“The cancer center will be part of a growing health and wellness ecosystem at Lake Nona benefitting our students, faculty researchers and – most importantly – patients from across our community,” Whittaker said. “This is an environment that naturally lends itself to collaboration and meaningful partnerships as we all move toward the goal of conquering cancer.”
The cancer research and treatment center is expected to attract high-paying jobs to the community and spur economic development.
UCF will use about half of the building for its own cancer research and is continuing to work with private entities who will occupy the clinical side of the center. Those include Sarah Cannon Research Institute, the national cancer center of Hospital Corporation of America – UCF’s partner in its new hospital – and Provision Healthcare, a maker of proton beam therapies and operator of cancer treatment centers. Participation from the private sector means the project has the potential to generate significant local tax revenues.
Dr. Deborah German, UCF vice president for health affairs and dean of the UCF College of Medicine, said the center will diagnose and treat cancer patients with state-of-the-art established care and clinical research trials featuring new therapies.
“An additional and distinguishing feature of our cancer center is that the basic biomolecular, cellular and genetic research will also happen here,” German said. “This center will encompass the full spectrum of research. Clinical and basic scientists dedicated to finding new and better treatments for cancer will have the opportunity to work together with practicing clinicians for the benefit of our patients.”
Orlando Mayor Buddy Dyer said UCF’s cancer center continues the important work of Lake Nona Medical City.
“Through the investments we’ve made together with our public and private partners and in attracting anchor operations like Sanford Burnham Prebys, the vision to create a Medical City in Lake Nona is now a reality and a living hub for advancing the life-science industry and creating the jobs of tomorrow for our residents,” he said. “We look forward to continuing our shared mission in furthering the scientific research and discoveries happening here through a new partnership with UCF that will build on the innovation at Lake Nona Medical City, and also on UCF’s continued investment in growing our biotech cluster and furthering our community’s spirit of collaboration.”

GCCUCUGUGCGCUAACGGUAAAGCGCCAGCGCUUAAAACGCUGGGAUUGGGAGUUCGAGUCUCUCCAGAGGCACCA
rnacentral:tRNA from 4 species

Sanford Burnham Prebys, based in La Jolla, California, opened its research institute in Lake Nona in 2007 and received state and locally funded incentives, including $40 million from Orange County and $32 million from the City of Orlando, that was used to construct the building. Faced with declining NIH grant funding nationally, the institute began talking to public and private groups about continuing the biomedical research activities in Lake Nona. In January, Orange County commissioners heard proposals from UCF and Florida Hospital to turn the Sanford Burnham Prebys building into a cancer center. Commissioners indicated they supported UCF’s plan and asked the university to come back with a final proposal, which was approved this week.
“We welcome the continued collaboration and innovation this will bring to our region,” said Rasesh Thakkar, senior managing director of Tavistock Group, the developer of Lake Nona. “The introduction of a comprehensive cancer center will complement and accelerate life sciences research and clinical care in Orlando, advancing our reputation as a top destination for researchers, doctors, students, and patients.”
UCF is working with Sanford Burnham Prebys to ensure institute employees are able to continue their research in Lake Nona Medical City and pursue new opportunities with UCF and other research organizations.
“Over the last 10 years, SBP established a world-class medical research facility in Lake Nona and served as a catalyst for an emerging biomedical industry. We are proud of the foundational role that SBP has had as a steward of the medical research mission in Florida and that the site will continue to advance healthcare and attract new medical partners to invest in our region,” said Kristiina Vuori, M.D., Ph.D., president of Sanford Burnham Prebys.
Residents interested in watching the full presentation may do so on via the following link: http://netapps.ocfl.net/Mod/meetings/1.
As a supporter for economic development, I echo Mayor Jacobs’ comments in that the day we had approved this agreement was a “very good day” in that the Central Florida Region has an opportunity to become a global hub and leader for life sciences research, education and care.